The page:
announced in September.

"We know this decision will have a dramatic impact on our employees,
as well as our suppliers," Bill Ford told employees. "This is,
however, the right call for our customers, our dealers and our
long-term future."

For full-year 2006, Ford now plans to produce 3.048 million vehicles
at its North American assembly plants ? 1.134 million cars and 1.914
million trucks ? a 9 percent reduction from 2005.


[this is interesing not only for the data on vehicle manufacture, but
because they compare CO2 emissions from manufacture to emissions
during the vehicle's lifetime of use]

The energy we use to produce our vehicles and power Ford facilities
resulted in 8.4 million metric tonnes of CO2 emissions (CO2 is the
most significant of the greenhouse gases) in 2004. About 12 percent of
all man-made GHG emissions worldwide come from burning fossil fuels in
the cars and trucks of all makes on the road today.

To that end, since 2000 we have cut the emissions of CO2 from our
plants and facilities by 15 percent, and we have targeted even further

But while we are proud of our accomplishment in reducing CO2 from our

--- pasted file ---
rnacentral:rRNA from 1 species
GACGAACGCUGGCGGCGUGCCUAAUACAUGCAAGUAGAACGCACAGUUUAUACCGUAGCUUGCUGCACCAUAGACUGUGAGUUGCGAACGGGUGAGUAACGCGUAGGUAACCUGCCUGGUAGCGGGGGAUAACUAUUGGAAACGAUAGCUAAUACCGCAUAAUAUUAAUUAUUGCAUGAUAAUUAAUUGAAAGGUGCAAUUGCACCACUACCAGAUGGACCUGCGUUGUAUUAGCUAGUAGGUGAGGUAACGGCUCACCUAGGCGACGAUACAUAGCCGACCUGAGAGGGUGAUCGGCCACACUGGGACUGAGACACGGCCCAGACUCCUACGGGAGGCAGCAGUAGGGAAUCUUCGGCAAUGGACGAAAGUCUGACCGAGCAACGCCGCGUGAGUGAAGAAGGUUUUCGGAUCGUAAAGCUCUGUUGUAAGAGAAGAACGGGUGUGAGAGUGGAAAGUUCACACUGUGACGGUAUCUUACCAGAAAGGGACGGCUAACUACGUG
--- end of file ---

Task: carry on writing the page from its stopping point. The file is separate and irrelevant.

operations and have benefited from the energy cost savings that go
with it, we recognize that only about 10 percent of the lifetime GHG
emissions from a vehicle occur during its production. The remaining 90
percent attributed to each vehicle is emitted when the customer is
using it ? when it burns gasoline or diesel fuel from fossil sources.

GHG emissions in manufacturing account for about 10 percent of the
total emissions over the lifecyle of a vehicle. Since 2000, we have
cut the GHG emissions from our facilities worldwide by more than 15
percent. We're also on track to meet a five year goal of improving the
energy efficiency of our plants by 14 percent, normalized for changes
in production.